Wednesday, March 5, 2014

The Politics of Envy

Everyone knows that envy is a sin. In more secular terms, envy, in an individual or a nation, produces dysfunction.

Culturally speaking, a nation that avoids envy is more likely to prosper.

Historically, envy has been notably absent from American politics. Now, Arthur Brooks explains, that is changing.

To define the term, Brooks turns to a rock star named Bono, who, effectively, delivers:

The Irish singer Bono once described a difference between America and his native land. “In the United States,” he explained, “you look at the guy that lives in the mansion on the hill, and you think, you know, one day, if I work really hard, I could live in that mansion. In Ireland, people look up at the guy in the mansion on the hill and go, one day, I’m going to get that bastard.”

Brooks adds a comment from Tocqueville:

Alexis de Tocqueville phrased it a little differently, but his classic 19th-century text contains the same observation. Visiting from France, he marveled at Americans’ ability to keep envy at bay, and to see others’ successes as portents of good times for all.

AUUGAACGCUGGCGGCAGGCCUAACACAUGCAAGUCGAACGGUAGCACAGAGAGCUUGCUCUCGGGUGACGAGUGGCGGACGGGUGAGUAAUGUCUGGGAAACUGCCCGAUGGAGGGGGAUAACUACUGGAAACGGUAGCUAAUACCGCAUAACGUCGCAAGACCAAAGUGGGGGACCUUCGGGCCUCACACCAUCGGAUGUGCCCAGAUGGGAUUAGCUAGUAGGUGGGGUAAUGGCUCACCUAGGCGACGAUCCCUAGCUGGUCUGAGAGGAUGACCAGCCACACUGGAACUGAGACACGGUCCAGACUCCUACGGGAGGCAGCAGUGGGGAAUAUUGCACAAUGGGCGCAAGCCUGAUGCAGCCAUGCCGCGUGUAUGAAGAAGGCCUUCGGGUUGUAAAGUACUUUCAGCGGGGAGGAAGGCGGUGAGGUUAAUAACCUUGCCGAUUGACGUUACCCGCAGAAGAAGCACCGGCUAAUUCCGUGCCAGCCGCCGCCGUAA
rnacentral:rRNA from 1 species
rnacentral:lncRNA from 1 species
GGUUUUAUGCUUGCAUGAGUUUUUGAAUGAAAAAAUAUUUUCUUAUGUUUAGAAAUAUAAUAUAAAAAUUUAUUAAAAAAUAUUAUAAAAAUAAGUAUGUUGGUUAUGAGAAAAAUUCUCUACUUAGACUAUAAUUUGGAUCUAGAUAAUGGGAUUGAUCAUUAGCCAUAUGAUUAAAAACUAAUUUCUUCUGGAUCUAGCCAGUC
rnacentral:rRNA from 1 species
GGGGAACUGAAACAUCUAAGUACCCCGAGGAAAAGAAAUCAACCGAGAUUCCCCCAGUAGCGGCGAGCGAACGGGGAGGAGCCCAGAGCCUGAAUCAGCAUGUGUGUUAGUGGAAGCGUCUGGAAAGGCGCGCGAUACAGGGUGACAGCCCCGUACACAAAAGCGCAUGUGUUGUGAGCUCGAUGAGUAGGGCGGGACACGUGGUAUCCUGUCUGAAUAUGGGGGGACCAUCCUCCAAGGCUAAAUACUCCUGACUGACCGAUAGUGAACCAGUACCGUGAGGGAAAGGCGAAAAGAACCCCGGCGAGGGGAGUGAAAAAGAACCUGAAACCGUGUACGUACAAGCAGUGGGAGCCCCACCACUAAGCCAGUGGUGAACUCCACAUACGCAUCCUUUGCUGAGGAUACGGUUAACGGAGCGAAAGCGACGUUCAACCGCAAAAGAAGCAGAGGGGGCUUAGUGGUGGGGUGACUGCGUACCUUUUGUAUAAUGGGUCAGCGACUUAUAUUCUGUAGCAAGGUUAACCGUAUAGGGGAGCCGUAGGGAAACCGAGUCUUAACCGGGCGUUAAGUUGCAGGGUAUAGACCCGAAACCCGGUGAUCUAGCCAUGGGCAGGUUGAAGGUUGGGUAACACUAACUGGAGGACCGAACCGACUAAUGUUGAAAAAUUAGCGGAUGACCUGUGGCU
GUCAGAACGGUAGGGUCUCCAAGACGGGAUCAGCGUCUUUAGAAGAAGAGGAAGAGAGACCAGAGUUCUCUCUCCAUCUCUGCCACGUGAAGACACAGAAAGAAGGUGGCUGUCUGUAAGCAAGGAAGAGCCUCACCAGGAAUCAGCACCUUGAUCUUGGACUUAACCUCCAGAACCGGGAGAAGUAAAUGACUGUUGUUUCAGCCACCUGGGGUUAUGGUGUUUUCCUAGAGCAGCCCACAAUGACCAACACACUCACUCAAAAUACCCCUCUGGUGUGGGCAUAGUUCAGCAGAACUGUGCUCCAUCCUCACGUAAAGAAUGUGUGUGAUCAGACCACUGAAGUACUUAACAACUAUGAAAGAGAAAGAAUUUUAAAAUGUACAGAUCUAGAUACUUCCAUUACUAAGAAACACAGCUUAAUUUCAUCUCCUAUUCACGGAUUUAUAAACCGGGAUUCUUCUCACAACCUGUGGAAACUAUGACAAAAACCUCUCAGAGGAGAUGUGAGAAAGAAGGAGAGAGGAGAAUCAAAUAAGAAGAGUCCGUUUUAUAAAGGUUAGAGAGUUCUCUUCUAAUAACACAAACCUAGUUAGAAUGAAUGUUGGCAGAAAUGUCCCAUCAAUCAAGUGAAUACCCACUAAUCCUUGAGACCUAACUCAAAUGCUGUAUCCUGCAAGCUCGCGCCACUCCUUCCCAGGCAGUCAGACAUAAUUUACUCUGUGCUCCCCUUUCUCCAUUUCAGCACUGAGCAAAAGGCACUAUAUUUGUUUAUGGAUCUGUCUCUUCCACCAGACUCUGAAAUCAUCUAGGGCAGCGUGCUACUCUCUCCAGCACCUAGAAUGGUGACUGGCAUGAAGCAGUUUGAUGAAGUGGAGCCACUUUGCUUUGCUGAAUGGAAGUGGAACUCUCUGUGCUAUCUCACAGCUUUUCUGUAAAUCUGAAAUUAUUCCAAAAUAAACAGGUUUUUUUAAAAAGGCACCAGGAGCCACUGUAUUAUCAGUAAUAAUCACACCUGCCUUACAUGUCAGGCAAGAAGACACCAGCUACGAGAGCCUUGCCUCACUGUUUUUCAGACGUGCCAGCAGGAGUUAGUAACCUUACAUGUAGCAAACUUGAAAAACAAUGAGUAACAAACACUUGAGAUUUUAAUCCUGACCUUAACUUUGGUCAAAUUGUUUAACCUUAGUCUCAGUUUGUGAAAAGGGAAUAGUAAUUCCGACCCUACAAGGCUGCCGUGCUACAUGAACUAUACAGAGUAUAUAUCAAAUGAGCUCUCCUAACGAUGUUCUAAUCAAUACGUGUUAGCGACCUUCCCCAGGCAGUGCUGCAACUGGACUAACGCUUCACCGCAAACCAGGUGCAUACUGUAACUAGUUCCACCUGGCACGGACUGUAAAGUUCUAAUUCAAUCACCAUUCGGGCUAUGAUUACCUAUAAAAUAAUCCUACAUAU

But, what is envy? Some would say that it is a form of desire— after all one of the French words for desire is envie— but Brooks more accurately relates it to depression.

As we know, depression is notably characterized by a diminished desire, for food and for sex.

In so doing, Brooks is following Thomas Aquinas, who linked envy with sorrow. By definition, we envy those things that other people have and that we despair of ever earning ourselves.

Envy might feel like a desire, but it is corrupted and perverted, directed toward destroying what other people have built, not building anything of its own.